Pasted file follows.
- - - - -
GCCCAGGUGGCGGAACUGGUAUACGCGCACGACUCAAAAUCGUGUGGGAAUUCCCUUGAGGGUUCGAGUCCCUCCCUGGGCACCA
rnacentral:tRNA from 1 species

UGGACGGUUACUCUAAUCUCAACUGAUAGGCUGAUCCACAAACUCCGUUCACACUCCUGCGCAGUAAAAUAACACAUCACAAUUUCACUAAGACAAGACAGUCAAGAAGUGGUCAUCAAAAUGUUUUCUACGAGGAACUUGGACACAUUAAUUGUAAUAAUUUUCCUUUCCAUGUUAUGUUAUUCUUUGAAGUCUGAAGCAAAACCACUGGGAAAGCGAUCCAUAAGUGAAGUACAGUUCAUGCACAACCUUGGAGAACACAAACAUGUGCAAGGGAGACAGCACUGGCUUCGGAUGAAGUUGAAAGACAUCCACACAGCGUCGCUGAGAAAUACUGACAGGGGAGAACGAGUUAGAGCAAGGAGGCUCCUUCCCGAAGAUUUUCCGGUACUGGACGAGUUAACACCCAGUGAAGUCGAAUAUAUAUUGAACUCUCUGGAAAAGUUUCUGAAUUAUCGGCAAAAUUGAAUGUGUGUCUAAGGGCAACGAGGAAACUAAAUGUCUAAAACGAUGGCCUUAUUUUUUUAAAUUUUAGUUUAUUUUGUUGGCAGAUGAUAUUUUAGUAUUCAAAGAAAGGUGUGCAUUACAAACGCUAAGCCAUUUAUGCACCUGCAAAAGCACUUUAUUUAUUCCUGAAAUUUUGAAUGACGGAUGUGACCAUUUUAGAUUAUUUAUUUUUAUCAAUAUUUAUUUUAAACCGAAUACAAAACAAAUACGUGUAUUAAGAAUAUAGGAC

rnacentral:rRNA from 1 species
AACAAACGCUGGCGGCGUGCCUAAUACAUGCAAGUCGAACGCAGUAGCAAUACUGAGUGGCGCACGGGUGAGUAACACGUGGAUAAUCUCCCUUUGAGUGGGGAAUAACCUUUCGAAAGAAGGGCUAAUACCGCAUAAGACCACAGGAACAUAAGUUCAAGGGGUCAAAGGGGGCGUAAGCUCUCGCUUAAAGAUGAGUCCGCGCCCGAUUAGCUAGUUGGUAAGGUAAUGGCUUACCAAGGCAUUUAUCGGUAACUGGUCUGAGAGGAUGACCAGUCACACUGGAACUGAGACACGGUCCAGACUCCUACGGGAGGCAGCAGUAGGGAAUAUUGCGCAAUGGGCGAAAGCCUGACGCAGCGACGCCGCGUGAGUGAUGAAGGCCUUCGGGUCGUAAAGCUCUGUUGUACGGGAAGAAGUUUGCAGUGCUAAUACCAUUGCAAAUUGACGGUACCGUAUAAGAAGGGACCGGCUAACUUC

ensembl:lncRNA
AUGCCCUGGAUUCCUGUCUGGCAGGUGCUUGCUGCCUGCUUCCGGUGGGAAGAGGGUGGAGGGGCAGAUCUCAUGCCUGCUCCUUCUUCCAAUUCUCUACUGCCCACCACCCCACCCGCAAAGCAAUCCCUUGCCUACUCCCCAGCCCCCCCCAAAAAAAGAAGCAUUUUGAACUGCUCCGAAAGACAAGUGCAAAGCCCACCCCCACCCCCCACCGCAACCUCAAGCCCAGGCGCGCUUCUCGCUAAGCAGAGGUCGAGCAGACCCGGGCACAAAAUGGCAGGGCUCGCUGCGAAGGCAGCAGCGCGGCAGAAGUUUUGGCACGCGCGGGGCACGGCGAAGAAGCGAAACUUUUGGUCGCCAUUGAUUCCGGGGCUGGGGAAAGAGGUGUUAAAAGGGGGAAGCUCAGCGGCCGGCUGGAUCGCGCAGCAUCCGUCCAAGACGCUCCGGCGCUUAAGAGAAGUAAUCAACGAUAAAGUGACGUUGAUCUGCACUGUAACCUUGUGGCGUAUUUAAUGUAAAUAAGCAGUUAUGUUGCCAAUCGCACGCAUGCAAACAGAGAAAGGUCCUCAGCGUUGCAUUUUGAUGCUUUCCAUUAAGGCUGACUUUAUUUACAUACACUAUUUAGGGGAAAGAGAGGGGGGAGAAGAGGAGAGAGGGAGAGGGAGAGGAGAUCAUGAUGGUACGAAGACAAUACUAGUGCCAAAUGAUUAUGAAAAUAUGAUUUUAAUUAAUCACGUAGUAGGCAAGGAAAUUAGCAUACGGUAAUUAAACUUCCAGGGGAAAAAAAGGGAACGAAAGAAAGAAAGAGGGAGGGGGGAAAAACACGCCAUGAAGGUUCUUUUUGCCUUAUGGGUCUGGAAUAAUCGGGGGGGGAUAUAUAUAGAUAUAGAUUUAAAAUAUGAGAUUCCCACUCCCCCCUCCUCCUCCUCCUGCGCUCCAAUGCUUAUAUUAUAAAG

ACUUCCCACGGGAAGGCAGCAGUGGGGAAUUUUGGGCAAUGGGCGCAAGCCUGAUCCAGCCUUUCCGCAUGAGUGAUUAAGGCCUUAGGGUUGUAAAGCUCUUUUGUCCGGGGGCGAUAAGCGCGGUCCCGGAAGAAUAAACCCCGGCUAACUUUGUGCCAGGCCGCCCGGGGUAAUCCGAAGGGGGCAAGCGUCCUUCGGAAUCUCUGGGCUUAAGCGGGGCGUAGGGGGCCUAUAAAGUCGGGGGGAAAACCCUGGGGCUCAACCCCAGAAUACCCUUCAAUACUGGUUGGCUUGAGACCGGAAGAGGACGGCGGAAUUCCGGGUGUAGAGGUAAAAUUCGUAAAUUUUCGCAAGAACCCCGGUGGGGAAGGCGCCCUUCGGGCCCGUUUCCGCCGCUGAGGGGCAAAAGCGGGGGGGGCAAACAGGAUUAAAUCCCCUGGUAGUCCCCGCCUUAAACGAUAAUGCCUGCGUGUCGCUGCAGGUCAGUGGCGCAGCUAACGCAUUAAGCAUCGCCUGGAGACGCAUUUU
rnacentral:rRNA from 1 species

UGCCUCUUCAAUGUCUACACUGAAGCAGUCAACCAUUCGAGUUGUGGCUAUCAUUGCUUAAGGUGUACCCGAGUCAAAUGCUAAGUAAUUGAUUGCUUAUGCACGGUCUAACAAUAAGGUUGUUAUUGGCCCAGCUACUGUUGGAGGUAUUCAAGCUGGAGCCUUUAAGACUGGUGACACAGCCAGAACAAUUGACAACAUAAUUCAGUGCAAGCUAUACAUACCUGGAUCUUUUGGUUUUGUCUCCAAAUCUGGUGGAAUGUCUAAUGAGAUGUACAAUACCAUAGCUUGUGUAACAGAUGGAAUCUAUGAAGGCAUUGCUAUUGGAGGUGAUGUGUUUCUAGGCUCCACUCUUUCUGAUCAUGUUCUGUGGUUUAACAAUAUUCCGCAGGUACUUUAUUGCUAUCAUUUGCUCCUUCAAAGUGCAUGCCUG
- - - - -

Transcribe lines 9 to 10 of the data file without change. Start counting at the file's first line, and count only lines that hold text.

rnacentral:rRNA from 1 species

UGCCUCUUCAAUGUCUACACUGAAGCAGUCAACCAUUCGAGUUGUGGCUAUCAUUGCUUAAGGUGUACCCGAGUCAAAUGCUAAGUAAUUGAUUGCUUAUGCACGGUCUAACAAUAAGGUUGUUAUUGGCCCAGCUACUGUUGGAGGUAUUCAAGCUGGAGCCUUUAAGACUGGUGACACAGCCAGAACAAUUGACAACAUAAUUCAGUGCAAGCUAUACAUACCUGGAUCUUUUGGUUUUGUCUCCAAAUCUGGUGGAAUGUCUAAUGAGAUGUACAAUACCAUAGCUUGUGUAACAGAUGGAAUCUAUGAAGGCAUUGCUAUUGGAGGUGAUGUGUUUCUAGGCUCCACUCUUUCUGAUCAUGUUCUGUGGUUUAACAAUAUUCCGCAGGUACUUUAUUGCUAUCAUUUGCUCCUUCAAAGUGCAUGCCUG